Wha’appen? The Mighty Mutanimals are dead – Mondo Gecko, Man-Ray, Leatherhead, Jagwar, Dreadmon, Wingnut and Screwloose have been gunned down by Null’s Gang of Four13, the Future Turtles’ Raphael and Donatello have arrived too late and Null has changed the past, now he intends to go one further, killing the present TMNT, Splinter and Ninjara and then destroying time, why? Because he’s Satan and that’s what Satan likes to do. Allied with Maligna and her insect aliens and Null having turned Candy Fine (Mondo Gecko’s girlfriend) into his new concubine it’s Raphael, Leonardo, Donatello14, the two Future Turtles, Splinter, Ninjara and Slash (the last Mutanimal standing) versus four robots with dead bodies grafted to them, an invading alien race and the devil himself.
Why? Holy shit, Archie TMNT’s darkest story and its biggest triumph, let’s just restate the set up shall we – 8 anthropomorphic animals versus four heavily armed robots, an alien race and THE DEVIL – the stakes are high, I believe anyone can die and unlike a modern crossover event I believe they just might be major characters – again Leatherhead is dead, the whole Mutanimals are dead – why would they worry about killing Slash, Ninjara, Maligna or even one of the TMNT themselves? The only person we know isn’t going to die (permanently) is Null, the only character we want brutally murdered. It’s rare that killing characters actually works to say ‘shit just got real’ instead of saying ‘we want a clear-out’ ‘no-one of consequence will die’ or ‘you don’t really think this means anything do you?’ – The Mutant Massacre, Terracide and Earth-3’s death in Crisis on Infinite Earths are the first three that come to mind (and those three were all done for ‘clear-out’ reasons!), which means that Terracide is keeping pretty good company  if nothing else.  
Moving past the deaths the story has two great villains behind it, both having their last hurrah and though both end a little anticlimactically (Null escapes though again he’s the devil, or some kind of personification of evil or greed or all of the Captain Planet villains combined or something). That said the villains are beyond a credible threat, they have killed Mondo Gecko, Leatherhead and Wingnut & Screwloose as an opening salvo, if Null says he can destroy time just because he wants to, I believe he can do it and there’s no doubt about how evil he is after he SHOWS A YOUNG WOMAN HER FRIENDS AND LOVER BURNING IN HELL (they’re not really in hell) just to knock her out and then turns her into a sex slave, and Maligna has an army of bug men – and watching the heroes slaughter their way through them is as shocking as it is awesome – she may not be evil personified but she’s well backed up. The tension in the story is high, there are brutal and pretty intense fight scenes, just read the damn thing , you might want to read the last part of Megadeth (issue 54) first but the story and art on Megadeth is piss poor so maybe not15.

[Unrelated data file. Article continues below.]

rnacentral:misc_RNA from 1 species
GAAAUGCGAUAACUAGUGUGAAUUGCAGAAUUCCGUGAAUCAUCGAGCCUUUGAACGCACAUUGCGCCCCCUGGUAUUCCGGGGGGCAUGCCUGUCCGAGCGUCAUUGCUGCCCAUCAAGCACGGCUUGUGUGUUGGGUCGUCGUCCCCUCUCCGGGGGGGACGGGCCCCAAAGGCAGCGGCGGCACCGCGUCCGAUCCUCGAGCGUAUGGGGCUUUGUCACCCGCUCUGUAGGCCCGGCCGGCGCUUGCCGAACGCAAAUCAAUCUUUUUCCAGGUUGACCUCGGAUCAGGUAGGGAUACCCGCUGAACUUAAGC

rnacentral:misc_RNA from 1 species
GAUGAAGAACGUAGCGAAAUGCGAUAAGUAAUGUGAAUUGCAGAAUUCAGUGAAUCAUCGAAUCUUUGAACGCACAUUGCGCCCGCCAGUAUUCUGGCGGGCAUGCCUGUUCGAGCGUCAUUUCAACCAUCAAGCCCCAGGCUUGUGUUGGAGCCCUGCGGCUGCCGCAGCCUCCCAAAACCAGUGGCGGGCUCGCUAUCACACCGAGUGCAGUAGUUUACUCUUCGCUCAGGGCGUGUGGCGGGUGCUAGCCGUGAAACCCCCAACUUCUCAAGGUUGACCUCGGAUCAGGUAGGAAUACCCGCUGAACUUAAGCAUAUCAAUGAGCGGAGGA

02. I, Monster
Tales of the Teenage Mutant Ninja Turtles issue 4 (Mirage Studios, 1988)
Jim Lawson, Ryan Brown
Wha’appen? While recuperating in Northampton the Turtles and Casey investigate a supposedly haunted factory, but they’re being hunted too, by a ‘monster’ in the form of The Rat King, who ties up Michaelangelo and tries to feed him to his rats, and that’s just the beginning.
Why? This issue is all about atmosphere, and by god it’s tense and by god it’s creepy and by god the Rat King is insane, if you don’t think a comic character can be scary imagine actually being around the Rat King of this story, then imagine being tied up and unable to move, it’d be like being kidnapped by the most unnerving drunk homeless person you’ve ever bumped into and convinced yourself didn’t creep you out because you’re not that sort of person and the uncanny valley doesn’t affect the would-be politically correct, who also smells like swamp. Again when I write ‘Ninja Turtles versus rats’ you may not think that’s too unnerving, now imagine being attacked by rats and you don’t have a gun or even a fire extinguisher or hose just sticks and swords and your bare hands and feet *shudders*. It is sad that The Rat King doesn’t get to physically engage with the Turtles (and is seemingly dispatched with one throwing star) but that somehow adds to the ghostly quality to him which the ambiguous ending just makes better/worse, the mysterious and haunting nature of this story being a major part of its appeal. Oh and this is the best Rat King story.

01. Teenage Mutant Ninja Turtles: The Movie
Teenage Mutant Ninja Turtles (New Line Cinema, 1990)
Directed by Steve Baron, Screenplay by Todd W. Langen & Bobby Herbeck